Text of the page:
My “destiny” crystalized when, in 2001, I met my dear friend William Burgos, an English professor at Long Island University. As he heard me speak about all these Dominican writers I had met, he said to me, “Hey, I’m teaching this class on Latino writers, but I think you know more than me about Dominican writers. Why don’t you come and give a talk to my students one of these days?” So, there I was, talking about all these writers, and the students looked at me with these sparks in their eyes, so fascinated. Some of them were Dominican, and they had all these questions and comments. They couldn’t have enough of it. And that’s when I decided that I wanted to do this for the rest of my life. Learn and teach.
So, lucky for me, I found a “trade” whose territory came with unsuspected opportunities for growth and love. And I can’t tell you which of the two—creative writing or academic work—I prefer. It’s like asking me which of my two kids I prefer! They both bring their own sets of blessings and headaches. What I do know is that I need both to keep some sort of balance in my life, and not fall in too much despair when things don’t go my way.
What has been your experience as a writer and scholar?
As a writer, my path has been a bit slow, as I had to deal with parenting, going to graduate school, teaching, doing research, and so on. One of the issues I also have is the competition of languages inside my head. You have no idea how much they interfere with one another. At some point, I will have to address that too.
In the late nineties I received a commission to write children stories for a literacy program in Texas for McGraw-Hill. That was fun. But it wasn’t until much later, upon the passing of Édouard Glissant, who had become a fundamental figure to me as a poet, a philosopher, and a professor when I was at the Graduate Center, that I decided to commit to poetry and write my first poem (in French) in homage to him. Then, I began to participate in poetry readings, enrolled in workshops at the Writers’ Studio in the Village, and was shocked when Small Axe Literary Salon published my poem “Carnival Day in Santo Domingo” in February 2015. Soon afterwards, an academic journal published my Sentencia del Infierno, a series of poems I have been writing in reaction to court ruling 168-13, issued by the Constitutional Court of the Dominican Republic, stripping of tens of thousands of Dominicans of Haitian descent of their citizenship.
As a scholar, I have been blessed with the mentoring and support of some of the greatest minds at the Empire State College, where I earned my masters degree in Liberal Studies with a focus on Dominican-American Identity and Literature, and at the Graduate Center, where I completed my doctoral degree in French. At first, I wanted to do my dissertation on the Haitian-Dominican dynamics, but a course I took on 17th-century French women writers took me off that path for the moment, as it made me discover how little things had changed, in terms of misogyny, between then and now, despite many milestones achieved by women over the past century. Still, realizing how despicable Molière had been in regards to women writers of the time was not what took me there, but the fact that women weren’t going to have it and resorted in one way or another to contest misogyny and gendered norms. If they could do it, I though, so could we. And I found tremendous solace in reading their novels, memoirs, letters, plays, and fairy tales for adults, which envisioned alternative modes of dealing with men and marriage. I was glued. And although most of these women writers belonged to aristocratic and noble circles, the way I see it is that female oppression is real and universal. We are not out of the woods yet, and certainly not in places like the Dominican Republic, where abortion is still illegal under all circumstances, including incest, rape, and even the potential death of the mother.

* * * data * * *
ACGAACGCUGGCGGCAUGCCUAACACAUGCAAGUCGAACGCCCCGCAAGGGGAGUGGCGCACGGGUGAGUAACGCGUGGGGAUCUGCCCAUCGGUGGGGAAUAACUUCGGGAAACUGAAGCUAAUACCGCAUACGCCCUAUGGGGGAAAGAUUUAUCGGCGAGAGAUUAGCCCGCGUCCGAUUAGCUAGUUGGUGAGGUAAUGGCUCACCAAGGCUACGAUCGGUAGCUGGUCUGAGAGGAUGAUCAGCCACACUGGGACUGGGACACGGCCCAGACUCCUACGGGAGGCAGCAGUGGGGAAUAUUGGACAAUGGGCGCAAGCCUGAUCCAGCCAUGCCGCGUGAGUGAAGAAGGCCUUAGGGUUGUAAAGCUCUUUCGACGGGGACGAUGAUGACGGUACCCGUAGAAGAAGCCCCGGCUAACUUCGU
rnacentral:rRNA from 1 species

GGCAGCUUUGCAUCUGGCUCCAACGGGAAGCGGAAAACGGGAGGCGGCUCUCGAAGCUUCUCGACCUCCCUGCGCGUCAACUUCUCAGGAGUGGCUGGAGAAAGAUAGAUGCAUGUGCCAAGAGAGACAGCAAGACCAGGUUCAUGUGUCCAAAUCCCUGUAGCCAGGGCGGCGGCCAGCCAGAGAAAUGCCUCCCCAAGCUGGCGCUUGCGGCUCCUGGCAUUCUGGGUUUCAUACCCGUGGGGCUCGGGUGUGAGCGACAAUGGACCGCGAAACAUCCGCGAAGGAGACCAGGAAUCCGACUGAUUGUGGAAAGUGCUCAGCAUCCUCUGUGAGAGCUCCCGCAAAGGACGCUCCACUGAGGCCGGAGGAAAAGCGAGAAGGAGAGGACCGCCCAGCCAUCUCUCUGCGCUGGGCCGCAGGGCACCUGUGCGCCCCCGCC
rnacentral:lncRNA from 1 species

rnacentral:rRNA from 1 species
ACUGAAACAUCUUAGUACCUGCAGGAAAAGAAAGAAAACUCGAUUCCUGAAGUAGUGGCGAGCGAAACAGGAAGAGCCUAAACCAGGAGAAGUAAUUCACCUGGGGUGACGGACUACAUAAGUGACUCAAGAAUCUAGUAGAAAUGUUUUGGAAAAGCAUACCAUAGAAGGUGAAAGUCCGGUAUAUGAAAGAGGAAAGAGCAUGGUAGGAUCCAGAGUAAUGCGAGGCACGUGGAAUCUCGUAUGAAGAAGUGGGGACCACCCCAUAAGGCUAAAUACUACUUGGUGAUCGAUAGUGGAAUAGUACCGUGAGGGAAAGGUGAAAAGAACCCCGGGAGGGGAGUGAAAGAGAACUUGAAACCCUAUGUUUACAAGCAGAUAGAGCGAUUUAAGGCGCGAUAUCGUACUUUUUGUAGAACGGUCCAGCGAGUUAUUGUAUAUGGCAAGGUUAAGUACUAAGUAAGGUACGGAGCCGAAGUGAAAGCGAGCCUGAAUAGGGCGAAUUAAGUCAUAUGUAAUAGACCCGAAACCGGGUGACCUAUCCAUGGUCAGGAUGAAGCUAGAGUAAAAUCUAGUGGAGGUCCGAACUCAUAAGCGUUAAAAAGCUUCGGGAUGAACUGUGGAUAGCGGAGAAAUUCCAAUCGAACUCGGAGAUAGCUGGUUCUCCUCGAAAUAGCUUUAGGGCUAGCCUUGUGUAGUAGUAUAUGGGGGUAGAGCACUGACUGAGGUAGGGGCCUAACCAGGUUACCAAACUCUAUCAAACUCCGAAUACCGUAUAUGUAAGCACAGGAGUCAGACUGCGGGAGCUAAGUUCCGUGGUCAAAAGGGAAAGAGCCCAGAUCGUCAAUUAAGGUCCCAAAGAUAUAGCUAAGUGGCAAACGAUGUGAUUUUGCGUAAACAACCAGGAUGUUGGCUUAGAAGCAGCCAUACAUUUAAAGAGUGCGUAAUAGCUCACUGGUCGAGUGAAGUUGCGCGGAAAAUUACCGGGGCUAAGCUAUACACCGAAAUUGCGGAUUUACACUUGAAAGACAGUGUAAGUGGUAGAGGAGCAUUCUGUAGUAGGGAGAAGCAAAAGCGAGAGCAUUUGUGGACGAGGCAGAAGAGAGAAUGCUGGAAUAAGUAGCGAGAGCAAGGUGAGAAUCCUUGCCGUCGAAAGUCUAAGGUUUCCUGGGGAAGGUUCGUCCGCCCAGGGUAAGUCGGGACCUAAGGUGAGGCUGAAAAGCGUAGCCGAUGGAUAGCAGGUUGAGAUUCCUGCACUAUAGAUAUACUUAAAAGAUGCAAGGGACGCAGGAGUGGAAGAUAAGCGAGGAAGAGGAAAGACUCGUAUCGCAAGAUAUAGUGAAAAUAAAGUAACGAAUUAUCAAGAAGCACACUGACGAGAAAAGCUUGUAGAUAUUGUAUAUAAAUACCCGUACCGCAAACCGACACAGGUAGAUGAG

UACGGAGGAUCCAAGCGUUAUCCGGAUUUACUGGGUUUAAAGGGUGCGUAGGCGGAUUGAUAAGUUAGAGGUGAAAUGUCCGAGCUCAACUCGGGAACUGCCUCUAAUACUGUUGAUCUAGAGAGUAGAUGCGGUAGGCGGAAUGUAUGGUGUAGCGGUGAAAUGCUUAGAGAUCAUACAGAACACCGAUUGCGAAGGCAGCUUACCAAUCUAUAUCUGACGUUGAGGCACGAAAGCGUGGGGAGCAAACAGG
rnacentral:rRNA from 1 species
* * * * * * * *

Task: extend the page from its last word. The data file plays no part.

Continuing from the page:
So my first book is coming out this fall under the title of Mademoiselle de Montpensier: Writings, Châteaux, and Female Self-Construction. It is an interdisciplinary study that brings together literary studies with female architectural patronage scholarship to examine the strategies used by women of the period to assert their social and political identities. Although I discuss early women advocate Christine de Pizan and duchess and queen of France, Anne of Brittany, I mostly focus on Mademoiselle de Montpensier, Louis XIV’s first cousin, who wrote novels, memoirs, and a manifesto against marriage. She also built four gorgeous châteaux and other buildings in France, and used them to live out her vision of autonomy and female power.
Now that my first book is out, I’m focusing on the next one, the Haitian-Dominican dynamics project I began at the Graduate Center a long time ago. I’m excited—this is a great time for scholars in the field, as the subject has elicited the interest of a growing, international audience.
Who do you have in mind when you translate a literary text?
Nobody except the text—save, of course, Jacques Viau Renaud. When I translated his poems, I strove to sense what he felt, what he thought, what he yearned for, what he wept for. I could relate to him, as he, too, was seven when he first arrived to the Dominican Republic, did not speak Spanish, and had to adapt.
What challenges do you face as a translator working in the fields of Women, Caribbean, and Dominican studies?